After five years of tinkering and lining up manufacturing, Lidow said, “We are exploding on the marketplace this year. Next month, we will introduce a series of products that are higher performance and cheaper in price than silicon. This has not happened in the history of silicon.”
At EPC, Lidow believes that GaN chips can make practical Google’s driverless cars, cool virtual reality, better space exploration, colonoscopy capsules, and high-performance wireless power. That’s a bunch of possible breakthroughs.
But rather than just replace silicon. Lidow is targeting GaN chips at applications that didn’t exist five years ago, such as wireless charging of devices without cords, sensing systems for autonomous vehicles, and high-speed mobile communications.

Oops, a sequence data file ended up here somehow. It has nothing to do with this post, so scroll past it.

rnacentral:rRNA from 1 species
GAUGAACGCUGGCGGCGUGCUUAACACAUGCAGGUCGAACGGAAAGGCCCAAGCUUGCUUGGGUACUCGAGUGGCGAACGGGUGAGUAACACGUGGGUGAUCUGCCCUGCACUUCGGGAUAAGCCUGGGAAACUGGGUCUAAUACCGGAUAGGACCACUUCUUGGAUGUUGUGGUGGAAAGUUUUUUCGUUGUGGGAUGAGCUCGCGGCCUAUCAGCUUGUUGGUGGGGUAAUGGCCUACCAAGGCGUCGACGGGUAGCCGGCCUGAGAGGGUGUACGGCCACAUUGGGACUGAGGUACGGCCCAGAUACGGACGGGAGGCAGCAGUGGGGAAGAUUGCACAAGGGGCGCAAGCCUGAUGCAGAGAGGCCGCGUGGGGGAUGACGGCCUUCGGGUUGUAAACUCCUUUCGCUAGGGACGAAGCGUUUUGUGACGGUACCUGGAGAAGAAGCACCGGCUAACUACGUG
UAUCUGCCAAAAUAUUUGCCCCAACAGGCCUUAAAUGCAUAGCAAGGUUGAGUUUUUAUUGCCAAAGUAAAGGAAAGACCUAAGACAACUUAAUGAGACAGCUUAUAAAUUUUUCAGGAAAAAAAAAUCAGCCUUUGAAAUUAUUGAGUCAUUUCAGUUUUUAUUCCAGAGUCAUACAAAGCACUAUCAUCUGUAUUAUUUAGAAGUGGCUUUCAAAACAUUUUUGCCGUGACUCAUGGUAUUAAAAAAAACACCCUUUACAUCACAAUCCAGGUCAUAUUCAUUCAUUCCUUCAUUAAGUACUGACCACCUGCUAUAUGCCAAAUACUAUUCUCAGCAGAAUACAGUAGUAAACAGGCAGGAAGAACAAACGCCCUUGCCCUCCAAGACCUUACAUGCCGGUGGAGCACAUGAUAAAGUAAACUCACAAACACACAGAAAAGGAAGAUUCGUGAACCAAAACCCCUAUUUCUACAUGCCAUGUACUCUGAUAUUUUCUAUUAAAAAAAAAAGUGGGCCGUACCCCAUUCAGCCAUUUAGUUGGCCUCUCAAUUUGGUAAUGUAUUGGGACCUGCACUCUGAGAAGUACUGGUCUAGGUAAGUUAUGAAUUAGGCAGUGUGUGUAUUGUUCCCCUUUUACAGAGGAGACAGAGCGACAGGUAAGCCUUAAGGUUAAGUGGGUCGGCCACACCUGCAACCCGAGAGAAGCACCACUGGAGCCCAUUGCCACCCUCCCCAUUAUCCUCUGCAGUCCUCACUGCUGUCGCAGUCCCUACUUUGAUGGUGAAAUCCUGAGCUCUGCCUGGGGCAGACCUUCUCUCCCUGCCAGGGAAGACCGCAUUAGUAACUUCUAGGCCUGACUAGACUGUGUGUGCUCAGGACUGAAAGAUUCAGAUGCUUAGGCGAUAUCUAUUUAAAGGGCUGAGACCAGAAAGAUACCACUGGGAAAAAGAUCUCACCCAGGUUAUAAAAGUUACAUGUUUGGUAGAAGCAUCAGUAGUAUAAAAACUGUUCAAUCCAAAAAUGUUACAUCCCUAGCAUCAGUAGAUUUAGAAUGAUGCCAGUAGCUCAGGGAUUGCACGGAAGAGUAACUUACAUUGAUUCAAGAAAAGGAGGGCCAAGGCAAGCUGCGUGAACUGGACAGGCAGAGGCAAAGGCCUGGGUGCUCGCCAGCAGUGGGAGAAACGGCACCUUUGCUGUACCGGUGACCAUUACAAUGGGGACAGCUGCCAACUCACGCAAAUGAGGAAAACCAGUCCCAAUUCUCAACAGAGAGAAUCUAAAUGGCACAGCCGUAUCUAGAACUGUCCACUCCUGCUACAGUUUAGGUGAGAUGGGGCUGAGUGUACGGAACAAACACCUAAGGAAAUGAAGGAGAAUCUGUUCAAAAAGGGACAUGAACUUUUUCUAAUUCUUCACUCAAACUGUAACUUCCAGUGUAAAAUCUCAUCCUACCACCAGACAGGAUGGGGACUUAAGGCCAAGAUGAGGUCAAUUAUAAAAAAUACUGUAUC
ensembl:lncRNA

All of the Google self-driving cars and other autonomous vehicles use EPC’s eGaN chips in their Light Illuminated Detection and Ranging (LiDAR) systems, or remote systems which sense the environment around them akin to radar. They illuminate an area with a laser and analyze the reflected light. Google uses LiDAR in the spinning rotors atop its self-driving cars.
With silicon, the chips are slower, so the accuracy is limited to a range of about ten feet, in terms of resolution. By contrast, with GaNs, the devices are accurate to within a couple of inches, Lidow said. You have to be able to detect the reflected light and do it very quickly.
“All of the Google cars use our eGaN chips,” Lidow said. “Car makers are looking to replace all of the sensors on the car with a couple of LiDAR systems.”
LiDAR is expected to become a $1 billion market by 2020, according to researcher Markets and Markets.